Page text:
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UL Listing and CE Marking

Introduction

Navigating the maze of international safety standards that apply to capital equipment can be daunting.

We’ve created this short guide to provide you with the information you need about our motion control products to help you meet both UL and CE safety and emissions standards.

UL Listing

What is UL Listing?

The Underwriters Laboratory has for many years offered a mechanism to certify the safety of mechanical and electrical products. Because UL Listing of machinery is helpful to the user when seeking factory insurance, it is common for machinery makers to seek UL Listing on their products. UL listing is obtained by engaging UL (or a body licensed by UL) to carry out the certification. This process focuses in particular upon electrical shock hazards, fire hazards and mechanical hazards.

Does UL Listing apply to motion controllers?

UL Listing applies only to products that are not part of a larger product or system. As a component of OEM machinery, SynqNet motion control products do not fall under the UL Listing directives.

How will Danaher Motion products affect the listing of my machine?

SynqNet motion control products are powered from voltages less than 42.4 VDC and therefore pose no shock hazard. They will typically be powered from a source that is limited to 200VA (a so-called “limited energy circuit”) and is thus considered incapable of causing a fire. Printed circuit boards used in the manufacture of our products are constructed from substrates with a flammability rating of UL94V-0 as required by some UL standards. Mechanical hazards arising from moving parts within the machine are the responsibility of the machine builder and are normally best dealt with using separate electrical interlocks as the primary means of protection and therefore do not concern the motion controller. In any case, the lack of UL Listing for the motion controller itself should not impede the machinery maker from obtaining UL Listing.

CE Marking

What is CE Marking?

The CE Mark signifies declaration by the responsible party that a product is compliant with all appropriate European Union New Approach Directives, such as the Low Voltage, EMC and Machinery Directives.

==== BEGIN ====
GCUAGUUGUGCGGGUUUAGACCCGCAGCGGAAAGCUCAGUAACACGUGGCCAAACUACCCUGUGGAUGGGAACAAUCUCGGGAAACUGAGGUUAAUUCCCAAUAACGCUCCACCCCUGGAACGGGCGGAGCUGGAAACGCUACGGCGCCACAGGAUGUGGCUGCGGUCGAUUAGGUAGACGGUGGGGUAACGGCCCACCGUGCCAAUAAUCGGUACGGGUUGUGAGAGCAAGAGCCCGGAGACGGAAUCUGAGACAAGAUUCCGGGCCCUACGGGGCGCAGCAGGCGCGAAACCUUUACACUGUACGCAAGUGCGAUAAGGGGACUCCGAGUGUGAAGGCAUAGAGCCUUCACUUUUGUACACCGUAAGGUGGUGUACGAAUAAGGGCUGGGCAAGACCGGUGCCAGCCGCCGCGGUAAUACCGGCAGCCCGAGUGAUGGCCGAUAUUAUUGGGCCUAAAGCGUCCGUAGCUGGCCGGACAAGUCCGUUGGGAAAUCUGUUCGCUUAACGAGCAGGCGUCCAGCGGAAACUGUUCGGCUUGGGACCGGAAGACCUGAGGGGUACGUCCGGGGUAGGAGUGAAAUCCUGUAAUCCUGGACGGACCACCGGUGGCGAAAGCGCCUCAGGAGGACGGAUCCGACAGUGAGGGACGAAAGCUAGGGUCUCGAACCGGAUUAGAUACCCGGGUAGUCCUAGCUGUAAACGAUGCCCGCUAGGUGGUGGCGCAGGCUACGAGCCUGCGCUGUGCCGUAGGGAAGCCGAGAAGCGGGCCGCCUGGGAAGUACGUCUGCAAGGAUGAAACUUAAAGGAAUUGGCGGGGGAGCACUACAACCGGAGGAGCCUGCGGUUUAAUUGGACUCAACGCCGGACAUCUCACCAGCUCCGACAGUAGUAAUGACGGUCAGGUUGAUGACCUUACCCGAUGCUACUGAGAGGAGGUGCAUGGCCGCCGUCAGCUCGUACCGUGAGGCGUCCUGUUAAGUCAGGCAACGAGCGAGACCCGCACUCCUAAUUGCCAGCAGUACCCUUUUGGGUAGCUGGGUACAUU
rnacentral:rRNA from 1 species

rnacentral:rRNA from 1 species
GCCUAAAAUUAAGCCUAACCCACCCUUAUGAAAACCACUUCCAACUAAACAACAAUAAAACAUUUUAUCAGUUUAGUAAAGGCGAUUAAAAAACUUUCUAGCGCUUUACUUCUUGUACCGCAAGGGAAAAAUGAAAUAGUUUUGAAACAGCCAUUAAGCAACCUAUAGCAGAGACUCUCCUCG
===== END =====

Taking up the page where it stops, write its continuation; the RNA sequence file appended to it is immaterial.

Do the EU Directives apply to motion controllers?

Not directly. The machinery directives make certain requirements in respect of protecting the operator of a machine. The usual method of meeting these requirements is to provide an independent primary safety system using electrical or mechanical interlocks. The low voltage directives is concerned in particular with shock hazard. As such, these directives are not directly applicable to SynqNet motion control products as they are generally operated from voltages less than 42.4 VDC.

The EMC directive obliges the machine as a whole to be tested to see whether it complies. The subsystems of a machine all play their part in achieving compliance; it is not simply a matter of taking all CE marked components, wiring them up, and assuming that the system will comply.

While these EU directives do not apply directly to board-level motion controllers, as a commitment to our global customers Danaher Motion has made it part of our standard engineering practice to test each of our new hardware products against CE emmissions and immunity criteria.

For information on whether your SynqNet product is CE marked, please contact your Danaher Motion Sales/Support Representative.

LVD (2006/95/EC)

The LVD Directive applies to all electrical equipment designed for use with a voltage rating of between 50 and 1000 V for alternating current and between 75 and 1500 V for direct current. Voltage ratings refer to the voltage of the electrical input or output, not to voltages which may appear inside the equipment.

Therefore, LVD Directive does not apply to Danaher Motion's motion controllers.

EMC (2004/108/EC)

The EMC Directive defines "apparatus" as any finished appliance, or combination thereof made commercially available (i.e. placed on the market) as a single functional unit, intended for the end-user, and liable to generate electromagnetic disturbance, or the performance of which is liable to be affected by such a disturbance. One of the pre-conditions in order to be considered an apparatus in the sense of the EMC Directive is that it is intended for the end-user. In this context, the end-user means any natural person (e.g. consumer) or legal entity (e.g. enterprise) using or intending to use the apparatus for its intended purpose.

Therefore, CE marking is not required for Danaher Motion's motion controllers.

 

 

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